FOR IMMEDIATE RELEASE
Contact: Allie Curry
Indianapolis (October 10, 2013) — When writer Devra Lee Fishman’s dear friend and college roommate battled breast cancer in 2006, Fishman wanted to help in any way possible, but she felt fearful and unqualified to handle her friend’s pain. Her friend spent her final days in hospice care, where doctors, nurses, social workers, and grief counselors eased her friend’s suffering and the grieving process. “I am convinced they were all hiding angel wings underneath their scrubs,” Fishman writes.
In the aftermath, Fishman wanted to do something to honor her friend’s memory. She decided to confront her own fear of dying by volunteering at a local hospice. Now Fishman is documenting her experiences for “Hospice Girl Friday,” a new blog from The Saturday Evening Post.
According to the National Hospice and Palliative Care Organization, a little over 1 million patients died under hospice care in 2011, representing approximately 44.6 percent of all deaths in the United States. In terms of number of programs and patients served, hospice care is growing, but few journalists are writing about the experiences of the terminally ill.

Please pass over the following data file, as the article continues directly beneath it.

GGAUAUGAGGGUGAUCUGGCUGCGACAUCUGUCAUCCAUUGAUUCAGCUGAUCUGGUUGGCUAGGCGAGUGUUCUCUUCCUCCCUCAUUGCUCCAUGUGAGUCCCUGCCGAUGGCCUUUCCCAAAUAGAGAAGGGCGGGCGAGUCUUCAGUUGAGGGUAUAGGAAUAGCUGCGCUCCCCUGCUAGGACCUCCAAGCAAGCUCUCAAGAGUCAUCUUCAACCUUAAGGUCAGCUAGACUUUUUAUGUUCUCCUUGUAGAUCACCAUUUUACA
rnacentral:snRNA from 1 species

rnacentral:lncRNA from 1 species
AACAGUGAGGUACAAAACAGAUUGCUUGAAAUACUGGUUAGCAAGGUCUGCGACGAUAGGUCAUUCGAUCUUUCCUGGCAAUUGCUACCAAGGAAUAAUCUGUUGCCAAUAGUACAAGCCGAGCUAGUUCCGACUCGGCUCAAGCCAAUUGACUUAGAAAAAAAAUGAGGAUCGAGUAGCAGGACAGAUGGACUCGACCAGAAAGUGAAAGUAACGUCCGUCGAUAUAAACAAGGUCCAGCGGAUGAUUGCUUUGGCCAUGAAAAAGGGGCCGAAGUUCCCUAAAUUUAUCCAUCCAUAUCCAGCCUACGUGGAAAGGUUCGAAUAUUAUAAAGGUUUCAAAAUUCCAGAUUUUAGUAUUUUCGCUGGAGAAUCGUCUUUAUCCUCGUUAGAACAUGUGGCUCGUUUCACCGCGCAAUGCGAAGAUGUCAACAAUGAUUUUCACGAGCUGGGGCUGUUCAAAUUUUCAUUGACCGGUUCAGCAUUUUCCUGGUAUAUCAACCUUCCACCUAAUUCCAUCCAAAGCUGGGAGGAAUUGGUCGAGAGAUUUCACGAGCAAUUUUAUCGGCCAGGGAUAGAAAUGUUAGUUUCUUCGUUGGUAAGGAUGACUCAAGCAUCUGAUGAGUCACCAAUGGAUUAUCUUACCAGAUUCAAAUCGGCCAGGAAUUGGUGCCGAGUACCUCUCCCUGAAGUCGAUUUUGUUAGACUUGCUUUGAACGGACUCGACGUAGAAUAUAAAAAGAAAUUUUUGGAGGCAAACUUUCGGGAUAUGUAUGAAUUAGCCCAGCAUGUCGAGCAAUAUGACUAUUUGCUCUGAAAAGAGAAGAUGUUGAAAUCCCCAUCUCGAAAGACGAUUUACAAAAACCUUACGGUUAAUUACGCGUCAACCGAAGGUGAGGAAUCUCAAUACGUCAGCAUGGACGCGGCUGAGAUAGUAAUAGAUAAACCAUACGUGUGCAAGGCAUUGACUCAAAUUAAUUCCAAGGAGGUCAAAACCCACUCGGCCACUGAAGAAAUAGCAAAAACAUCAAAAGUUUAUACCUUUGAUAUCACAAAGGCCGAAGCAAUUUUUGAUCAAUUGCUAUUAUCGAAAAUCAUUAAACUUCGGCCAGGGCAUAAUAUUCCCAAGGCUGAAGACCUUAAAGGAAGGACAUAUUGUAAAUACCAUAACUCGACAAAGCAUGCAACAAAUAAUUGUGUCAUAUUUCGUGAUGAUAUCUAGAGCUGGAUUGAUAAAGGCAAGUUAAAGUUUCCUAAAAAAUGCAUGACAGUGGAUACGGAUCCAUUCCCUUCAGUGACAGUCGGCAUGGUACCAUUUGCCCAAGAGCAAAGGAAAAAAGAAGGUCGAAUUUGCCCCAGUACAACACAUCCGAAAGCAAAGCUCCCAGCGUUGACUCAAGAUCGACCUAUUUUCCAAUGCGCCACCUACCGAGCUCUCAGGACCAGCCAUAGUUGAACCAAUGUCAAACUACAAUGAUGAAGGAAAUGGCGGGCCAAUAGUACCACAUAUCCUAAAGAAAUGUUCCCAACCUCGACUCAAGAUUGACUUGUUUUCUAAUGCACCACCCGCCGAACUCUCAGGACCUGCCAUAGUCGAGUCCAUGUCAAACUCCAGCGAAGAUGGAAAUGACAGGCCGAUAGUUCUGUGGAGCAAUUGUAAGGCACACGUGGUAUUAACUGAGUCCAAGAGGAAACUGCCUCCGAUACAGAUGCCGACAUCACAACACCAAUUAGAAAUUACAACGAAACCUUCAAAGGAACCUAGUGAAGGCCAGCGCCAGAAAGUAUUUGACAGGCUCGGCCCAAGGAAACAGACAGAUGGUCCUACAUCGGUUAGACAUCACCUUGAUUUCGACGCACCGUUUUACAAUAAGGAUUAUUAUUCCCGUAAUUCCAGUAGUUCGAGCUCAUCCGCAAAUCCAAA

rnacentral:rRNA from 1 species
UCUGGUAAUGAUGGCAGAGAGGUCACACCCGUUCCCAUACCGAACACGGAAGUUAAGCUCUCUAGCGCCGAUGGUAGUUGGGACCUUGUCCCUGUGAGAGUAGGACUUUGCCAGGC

“The mechanized, dehumanizing—not to say frighteningly expensive—American way of death often treats patients like slabs of meat,” said Steven Slon, Editorial Director, The Saturday Evening Post. “We wanted to bring attention to the dignified alternative, hospice care, and Devra’s reporting from the front lines is a powerful way to do that.”
Readers can follow Fishman’s weekly posts along with other blogs from The Saturday Evening Post at http://www.saturdayeveningpost.com/sections/health-and-family/blogs.
About The Saturday Evening Post
For nearly 300 years, The Saturday Evening Post has chronicled American history in the making—reflecting the distinctive characteristics and values that define the American way. Today’s Post continues the grand tradition of providing art, entertainment and information in a stimulating mix of idea-driven features, cutting-edge health and medical trends—plus fiction, humor, and laugh-out-loud cartoons.
A key feature is the Post Perspective, which brings historical context to current issues and hot topics such as health care, religious freedom, education, and more. Tracing its roots to Benjamin Franklin,The Saturday Evening Post mirrors cherished American ideals and values, most memorably illustrated by its iconic cover artist Norman Rockwell.
The Post is also known for publishing such literary greats as Ray Bradbury, Agatha Christie, William Faulkner, F. Scott Fitzgerald, Edgar Allan Poe, and Kurt Vonnegut, and continues to seek out and discover emerging writers of the 21st century.
Headquartered in Indianapolis, the Post is a publication of the nonprofit Saturday Evening Post Society, which also publishes the award-winning youth magazines Turtle, Humpty Dumpty, and Jack and Jill.
“As the nation changed, the Post changed, but it looks to its past as a fertile ground for its future.”——Starkey Flythe, Jr, Former Post Executive Editor